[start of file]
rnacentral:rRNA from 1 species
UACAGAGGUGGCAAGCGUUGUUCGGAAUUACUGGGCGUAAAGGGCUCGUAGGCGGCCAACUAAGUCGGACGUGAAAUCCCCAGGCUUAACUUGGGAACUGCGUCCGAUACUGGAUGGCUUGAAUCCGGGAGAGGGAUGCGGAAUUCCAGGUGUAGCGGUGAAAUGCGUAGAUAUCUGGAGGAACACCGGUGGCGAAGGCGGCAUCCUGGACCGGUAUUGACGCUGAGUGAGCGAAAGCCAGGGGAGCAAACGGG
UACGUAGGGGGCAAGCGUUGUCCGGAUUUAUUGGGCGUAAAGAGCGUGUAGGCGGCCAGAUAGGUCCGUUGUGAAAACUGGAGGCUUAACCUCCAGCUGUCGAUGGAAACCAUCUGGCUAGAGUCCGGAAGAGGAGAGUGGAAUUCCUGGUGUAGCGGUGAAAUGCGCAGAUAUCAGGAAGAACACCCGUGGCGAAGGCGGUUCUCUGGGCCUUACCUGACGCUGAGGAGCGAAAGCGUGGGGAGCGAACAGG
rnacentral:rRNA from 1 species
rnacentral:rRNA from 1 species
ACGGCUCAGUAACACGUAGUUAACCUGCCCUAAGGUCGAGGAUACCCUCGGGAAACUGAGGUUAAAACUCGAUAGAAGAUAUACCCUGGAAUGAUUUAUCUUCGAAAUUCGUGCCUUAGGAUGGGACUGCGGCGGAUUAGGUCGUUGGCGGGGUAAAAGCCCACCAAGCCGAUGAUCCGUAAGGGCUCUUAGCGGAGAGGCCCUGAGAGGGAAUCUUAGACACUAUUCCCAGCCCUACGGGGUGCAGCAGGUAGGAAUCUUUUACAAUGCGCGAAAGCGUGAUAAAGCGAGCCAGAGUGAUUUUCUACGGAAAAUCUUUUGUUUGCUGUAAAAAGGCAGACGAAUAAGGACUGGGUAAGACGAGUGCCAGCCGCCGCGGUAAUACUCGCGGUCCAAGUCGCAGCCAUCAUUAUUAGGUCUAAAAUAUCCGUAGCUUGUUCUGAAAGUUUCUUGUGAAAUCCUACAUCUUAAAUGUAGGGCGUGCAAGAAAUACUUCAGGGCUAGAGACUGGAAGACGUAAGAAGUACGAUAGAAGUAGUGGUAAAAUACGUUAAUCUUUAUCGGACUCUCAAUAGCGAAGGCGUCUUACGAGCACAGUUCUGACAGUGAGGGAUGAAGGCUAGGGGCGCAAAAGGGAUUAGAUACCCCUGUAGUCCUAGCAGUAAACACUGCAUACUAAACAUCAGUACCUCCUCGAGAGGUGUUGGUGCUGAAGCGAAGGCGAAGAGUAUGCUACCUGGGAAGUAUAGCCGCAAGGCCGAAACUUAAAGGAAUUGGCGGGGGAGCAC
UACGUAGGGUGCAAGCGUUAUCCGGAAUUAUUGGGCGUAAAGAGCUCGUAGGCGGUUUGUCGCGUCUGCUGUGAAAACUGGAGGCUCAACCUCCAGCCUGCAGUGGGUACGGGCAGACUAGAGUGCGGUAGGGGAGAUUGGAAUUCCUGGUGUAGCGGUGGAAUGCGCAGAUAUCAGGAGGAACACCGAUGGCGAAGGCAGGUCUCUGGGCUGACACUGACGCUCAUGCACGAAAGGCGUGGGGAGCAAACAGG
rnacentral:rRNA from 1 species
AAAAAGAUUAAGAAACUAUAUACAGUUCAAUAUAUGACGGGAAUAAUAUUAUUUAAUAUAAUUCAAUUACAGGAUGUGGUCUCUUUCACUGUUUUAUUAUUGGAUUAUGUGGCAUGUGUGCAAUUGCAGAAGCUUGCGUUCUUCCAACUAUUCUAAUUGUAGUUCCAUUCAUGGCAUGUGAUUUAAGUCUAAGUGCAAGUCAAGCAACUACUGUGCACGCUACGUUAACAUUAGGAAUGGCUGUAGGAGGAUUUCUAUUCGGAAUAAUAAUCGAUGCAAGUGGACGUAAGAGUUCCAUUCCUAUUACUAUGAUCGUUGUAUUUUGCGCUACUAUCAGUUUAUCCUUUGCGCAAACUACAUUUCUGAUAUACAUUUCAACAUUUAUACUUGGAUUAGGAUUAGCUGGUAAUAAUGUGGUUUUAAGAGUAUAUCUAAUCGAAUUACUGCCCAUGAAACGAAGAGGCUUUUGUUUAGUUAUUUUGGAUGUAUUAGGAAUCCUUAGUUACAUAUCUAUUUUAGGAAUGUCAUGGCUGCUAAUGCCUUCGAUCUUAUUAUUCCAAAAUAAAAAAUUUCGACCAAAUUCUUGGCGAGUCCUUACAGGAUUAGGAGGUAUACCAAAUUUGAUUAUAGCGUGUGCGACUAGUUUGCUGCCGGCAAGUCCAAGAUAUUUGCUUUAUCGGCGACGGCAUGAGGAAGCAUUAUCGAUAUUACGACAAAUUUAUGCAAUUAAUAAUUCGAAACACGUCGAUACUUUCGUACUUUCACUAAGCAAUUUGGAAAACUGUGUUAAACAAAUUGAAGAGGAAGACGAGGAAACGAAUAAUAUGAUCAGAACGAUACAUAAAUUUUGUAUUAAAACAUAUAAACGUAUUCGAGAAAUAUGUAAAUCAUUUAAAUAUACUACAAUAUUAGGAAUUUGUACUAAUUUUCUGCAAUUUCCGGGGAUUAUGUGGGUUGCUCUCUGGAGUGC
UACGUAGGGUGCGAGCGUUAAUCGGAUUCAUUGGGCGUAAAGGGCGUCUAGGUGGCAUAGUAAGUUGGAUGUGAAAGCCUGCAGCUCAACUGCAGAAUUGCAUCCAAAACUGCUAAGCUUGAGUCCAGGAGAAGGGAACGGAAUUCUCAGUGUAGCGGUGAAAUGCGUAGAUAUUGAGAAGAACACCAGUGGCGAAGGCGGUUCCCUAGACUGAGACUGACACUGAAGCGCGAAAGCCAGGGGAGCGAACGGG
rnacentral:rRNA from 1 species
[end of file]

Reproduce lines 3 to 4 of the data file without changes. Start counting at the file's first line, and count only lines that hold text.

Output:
UACGUAGGGGGCAAGCGUUGUCCGGAUUUAUUGGGCGUAAAGAGCGUGUAGGCGGCCAGAUAGGUCCGUUGUGAAAACUGGAGGCUUAACCUCCAGCUGUCGAUGGAAACCAUCUGGCUAGAGUCCGGAAGAGGAGAGUGGAAUUCCUGGUGUAGCGGUGAAAUGCGCAGAUAUCAGGAAGAACACCCGUGGCGAAGGCGGUUCUCUGGGCCUUACCUGACGCUGAGGAGCGAAAGCGUGGGGAGCGAACAGG
rnacentral:rRNA from 1 species